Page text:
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Kea
2005-11-14, 00:10
How do you guys set yourself up for winter hiking in temps below 40F?

Even if it is just your dream layering list, I'd like to see it. My hiking partner wants to go out when it gets cold and I don't want to freeze my hiney off. :)

SGT Rock
2005-11-14, 00:58
My base layer is a wicking shirt and underwear.

My next layer out is a set of long fleece. I use Powerstretch, but in hindsite, my brown Army issue polypros are just as warm, about as light, and a whole lot cheaper. I also have a pair of wool socks, some light polypro gloves, and a knit hat.

If the temps are below 30F I add a pair of Army field pants liners and a homemade insulated jacket with 0.8" loft. I have a thicker pair of wool socks and some fleece mittens. I also have a neck gaiter that turns the cap into a balaclava if needed.

To break the wind and add water protection to any level of layering I have a sil-nylon jacket with good pit zips and a hood, gortex rain mittens, microporus polypropylene pants, and some goretex socks. Usually at 40F I can use my midweight layer and rain gear to stay warm.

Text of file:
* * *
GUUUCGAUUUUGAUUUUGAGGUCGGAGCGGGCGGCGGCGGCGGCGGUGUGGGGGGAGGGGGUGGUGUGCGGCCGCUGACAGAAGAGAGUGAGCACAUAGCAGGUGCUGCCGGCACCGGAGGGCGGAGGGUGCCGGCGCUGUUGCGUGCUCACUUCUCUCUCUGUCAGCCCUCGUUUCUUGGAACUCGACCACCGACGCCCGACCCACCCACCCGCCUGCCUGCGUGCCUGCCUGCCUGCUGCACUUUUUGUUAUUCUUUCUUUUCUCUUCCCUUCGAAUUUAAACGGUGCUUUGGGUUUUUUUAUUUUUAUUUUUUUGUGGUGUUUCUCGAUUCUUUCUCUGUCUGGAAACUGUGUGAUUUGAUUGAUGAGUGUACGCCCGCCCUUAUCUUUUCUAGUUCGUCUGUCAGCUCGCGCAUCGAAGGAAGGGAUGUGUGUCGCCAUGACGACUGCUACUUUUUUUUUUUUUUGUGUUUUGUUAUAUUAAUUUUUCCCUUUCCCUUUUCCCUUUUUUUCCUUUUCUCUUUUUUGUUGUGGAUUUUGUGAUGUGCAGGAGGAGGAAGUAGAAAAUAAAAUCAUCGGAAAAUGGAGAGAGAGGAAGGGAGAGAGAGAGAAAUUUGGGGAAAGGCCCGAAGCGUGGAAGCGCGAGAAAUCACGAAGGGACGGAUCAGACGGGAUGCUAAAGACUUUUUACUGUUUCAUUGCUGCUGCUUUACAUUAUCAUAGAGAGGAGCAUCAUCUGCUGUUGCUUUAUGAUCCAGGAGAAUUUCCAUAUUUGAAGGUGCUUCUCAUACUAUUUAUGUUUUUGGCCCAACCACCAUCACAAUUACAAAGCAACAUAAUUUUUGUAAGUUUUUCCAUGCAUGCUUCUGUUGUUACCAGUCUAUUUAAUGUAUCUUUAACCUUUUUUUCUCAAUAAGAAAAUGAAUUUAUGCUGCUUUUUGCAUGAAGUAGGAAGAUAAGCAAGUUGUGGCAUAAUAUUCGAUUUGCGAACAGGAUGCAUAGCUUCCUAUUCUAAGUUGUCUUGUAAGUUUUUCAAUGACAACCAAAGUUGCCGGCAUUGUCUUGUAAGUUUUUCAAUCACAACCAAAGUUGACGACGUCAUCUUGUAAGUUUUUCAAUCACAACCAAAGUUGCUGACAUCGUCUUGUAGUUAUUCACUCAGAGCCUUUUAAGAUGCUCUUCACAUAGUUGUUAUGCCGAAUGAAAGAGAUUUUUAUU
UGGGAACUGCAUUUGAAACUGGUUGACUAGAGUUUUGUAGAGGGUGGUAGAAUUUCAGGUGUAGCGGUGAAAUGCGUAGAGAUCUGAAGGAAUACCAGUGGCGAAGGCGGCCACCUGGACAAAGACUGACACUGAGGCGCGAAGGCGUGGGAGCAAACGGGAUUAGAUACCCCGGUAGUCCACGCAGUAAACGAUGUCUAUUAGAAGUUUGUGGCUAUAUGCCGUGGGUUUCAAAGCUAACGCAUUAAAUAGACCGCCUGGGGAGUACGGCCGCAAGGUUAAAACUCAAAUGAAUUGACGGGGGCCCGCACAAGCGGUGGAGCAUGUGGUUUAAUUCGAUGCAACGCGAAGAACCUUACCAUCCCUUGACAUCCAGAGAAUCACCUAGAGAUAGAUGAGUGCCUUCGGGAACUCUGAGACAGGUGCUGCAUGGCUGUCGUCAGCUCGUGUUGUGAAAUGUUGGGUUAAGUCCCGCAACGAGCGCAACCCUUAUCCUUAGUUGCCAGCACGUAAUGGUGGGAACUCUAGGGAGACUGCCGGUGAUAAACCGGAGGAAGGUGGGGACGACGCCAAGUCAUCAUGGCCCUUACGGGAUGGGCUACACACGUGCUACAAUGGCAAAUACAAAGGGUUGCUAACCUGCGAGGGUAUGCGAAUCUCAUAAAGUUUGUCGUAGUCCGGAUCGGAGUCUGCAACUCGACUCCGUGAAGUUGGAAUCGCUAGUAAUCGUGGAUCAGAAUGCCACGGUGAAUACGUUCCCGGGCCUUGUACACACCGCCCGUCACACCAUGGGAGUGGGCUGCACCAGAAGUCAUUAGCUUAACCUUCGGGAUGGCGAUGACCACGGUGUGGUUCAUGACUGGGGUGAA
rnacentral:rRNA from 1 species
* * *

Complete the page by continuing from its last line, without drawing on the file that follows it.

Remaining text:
Iceman
2005-11-14, 01:49
Kea, just got back from eight days in the cold, 25 degrees to 55 degrees. (Elk hunting in the cascade mountains, here in the Pacific Northwest.) Now I start winter snowshoeing to include overnight trips with my wife and two kids, 7 and 9yrs...sometimes as cold as 5 (five) degrees in the tent in the morning.

Here is what I have learned to date; Layer, Layer, Layer.

Baselayer: Start with lightweight polypropylene type thermals next to your skin. No cotton whatsoever, read the label before you buy. This type of thermal does not retain moisture, and will keep your skin dry. Moisture will move from this layer, towards the cold, away from your warm body, where it can evaporate elsewhere, not having a cooling effect on your body. This process is usually referred to as "wicking"... moisture wicks from your body and to the next layer...